Stroke Analysis with IowaTriBob (Part 2)

I have had mixed feelings about publishing this post today. We are all devastated by the news from Boston and full of questions we hope will be answered even though we already know the answers will never be enough. Our hearts reach out to those who have been affected by yesterday’s events. Here are two important numbers: anyone still trying to locate family members should call 617-635-4500; people with tips can call 1-800-494-TIPS.

We’ve decided to share IowaTriBob’s stroke analysis today, not as a distraction, but as part of our healing process to help us regain a sense of normalcy in a world where terrible  things can happen suddenly and without warning. Life is precious. The best we can do is live it to fullest, without fear – because if we don’t, the bad guys have already won.

“This is a giant planet and we’re lucky to live on it but there are prices and penalties incurred for the daily miracle of existence. One of them is, every once in awhile, the wiring of a tiny sliver of the species gets snarled and they’re pointed towards darkness.

But the vast majority stands against that darkness and, like white blood cells attacking a virus, they dilute and weaken and eventually wash away the evil doers and, more importantly, the damage they wreak. This is beyond religion or creed or nation. We would not be here if humanity were inherently evil. We’d have eaten ourselves alive long ago.

So when you spot violence, or bigotry, or intolerance or fear or just garden-variety misogyny, hatred or ignorance, just look it in the eye and think, ‘The good outnumber you, and we always will.”

-Patton Oswalt, Actor & Comedian

Here is our stroke analysis for IowaTriBob:

  • You should dolphin kick or at least flutter kick off the wall so you don’t slow down after your push off. Obviously this doesn’t matter if you’re in an open water situation, but in the pool it will help you keep up your momentum. Also, you wait too long to start swimming after your push off…you almost stop before taking a stroke. You should begin swimming before you lose all your momentum.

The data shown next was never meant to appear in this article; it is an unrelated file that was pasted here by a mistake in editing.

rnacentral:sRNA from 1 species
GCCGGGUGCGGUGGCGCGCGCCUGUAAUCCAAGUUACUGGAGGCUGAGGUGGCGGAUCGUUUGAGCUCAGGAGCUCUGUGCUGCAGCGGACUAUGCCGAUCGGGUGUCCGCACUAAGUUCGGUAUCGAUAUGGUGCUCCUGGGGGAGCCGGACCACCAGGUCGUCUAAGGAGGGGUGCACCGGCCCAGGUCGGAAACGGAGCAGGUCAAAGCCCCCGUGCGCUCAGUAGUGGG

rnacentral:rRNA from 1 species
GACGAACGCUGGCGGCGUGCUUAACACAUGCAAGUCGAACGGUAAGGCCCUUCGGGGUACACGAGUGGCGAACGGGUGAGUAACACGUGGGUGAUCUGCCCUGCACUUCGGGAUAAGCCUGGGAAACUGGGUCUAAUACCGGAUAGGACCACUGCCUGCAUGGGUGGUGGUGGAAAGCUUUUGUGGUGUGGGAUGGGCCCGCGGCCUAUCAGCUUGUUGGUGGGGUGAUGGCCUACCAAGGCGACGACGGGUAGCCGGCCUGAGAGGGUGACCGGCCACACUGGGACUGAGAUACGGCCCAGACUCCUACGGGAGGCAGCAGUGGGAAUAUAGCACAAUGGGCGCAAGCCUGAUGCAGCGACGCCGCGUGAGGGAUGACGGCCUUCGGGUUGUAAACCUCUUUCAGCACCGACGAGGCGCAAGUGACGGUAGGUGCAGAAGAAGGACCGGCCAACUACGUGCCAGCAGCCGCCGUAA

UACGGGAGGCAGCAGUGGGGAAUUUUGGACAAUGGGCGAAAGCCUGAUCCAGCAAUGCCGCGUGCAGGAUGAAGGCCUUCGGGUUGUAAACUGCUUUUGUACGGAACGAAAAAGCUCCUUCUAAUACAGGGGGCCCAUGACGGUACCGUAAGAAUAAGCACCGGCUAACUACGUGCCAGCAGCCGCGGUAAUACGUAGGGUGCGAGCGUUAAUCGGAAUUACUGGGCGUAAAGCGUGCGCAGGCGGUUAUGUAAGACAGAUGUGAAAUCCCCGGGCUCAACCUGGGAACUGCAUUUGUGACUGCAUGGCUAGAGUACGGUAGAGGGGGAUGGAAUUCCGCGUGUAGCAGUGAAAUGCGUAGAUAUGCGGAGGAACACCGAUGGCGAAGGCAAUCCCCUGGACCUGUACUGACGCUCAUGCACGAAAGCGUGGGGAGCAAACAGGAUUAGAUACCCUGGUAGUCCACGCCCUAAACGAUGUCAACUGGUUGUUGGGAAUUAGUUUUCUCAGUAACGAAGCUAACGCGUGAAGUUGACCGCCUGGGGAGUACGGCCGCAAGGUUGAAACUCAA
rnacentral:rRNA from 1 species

IowaTriBob's Streamline

  • During your recovery, your hand and forearm are swinging up to the front too close to your body. Try moving it out a few inches away from your body. This will help your body roll be less severe, and may also help keep your hips from nudging out to the side.

IowaTriBob Over Rotating

  • It appears that your fingers drag across the water after you exit the water until about your lats, as if you are doing Fingertip Drag or Zipper Drill. We use these drills to help swimmers recover with a high elbow but you don’t want to do them all of the time. You should try Freestyle Finishing Drill to work on exiting the water earlier. You want your hand to completely exit the water closer to your hips than your lats.

IowaTriBob's Hand Dragging

  • Your left hand sweeps upward after entering the water but before starting your catch. You’re doing this to compensate for crossing over. Basically you extend your hand underwater to make up for a short/crossed over stroke so you’re in the right position to begin your catch with that arm. Practice Fists Drill to force you to hold the water with your forearms and work on Catch Up Drill to maintain the length out front, as you sometimes initiate your catch too early (due to crossing over).  Switch arms when one is by your ear so there’s less of a windmill effect.

Wrist Curving Up

  • You are over emphasizing your high elbows which is causing a shortened stroke out front with a slight crossover. High elbows can be done with a wider, more comfortable stroke (see this video of Vicky’s stroke).  Not everyone is flexible enough to have a super high elbow, Vicky included, and her stroke tends to be a bit wider.

Crossing Over
Other things to Consider:

  • You have decent body/head position during your breath, but be careful of independent head rotation.  The head should roll into the already existent rotation of the body.
  • This was too difficult to show in a screenshot, but look at your right leg compared to your left when you’re kicking. You’re left leg is doing a great job but your right leg tends to be too straight sometimes. Obviously you’re going to drop your legs on race day but you want to practice a more steady/symmetrical kick the rest of the time.
  • It could be that you’re rolling too much on your side as you swim, but definitely when you breathe your hips kick out a little. Swimming with a front breathing snorkel can help you get the feel for how to stay in line and swim straight, and when you go back to swimming without a snorkel, ideally, you’d feel the difference in how your body moves so you can be mindful and correct any issues.


Categories: Dear Water Bloggers, Video Analysis

Tags: , , ,

3 replies

  1. Thank you very much for the analysis and I’ll definitely pay attention to each in tonight’s swim to see if I can catch myself doing these. I’ll keep you posted with my progress and thanks again, especially given this was sent in the final stages of the book (which I’m definitely looking forward to getting).

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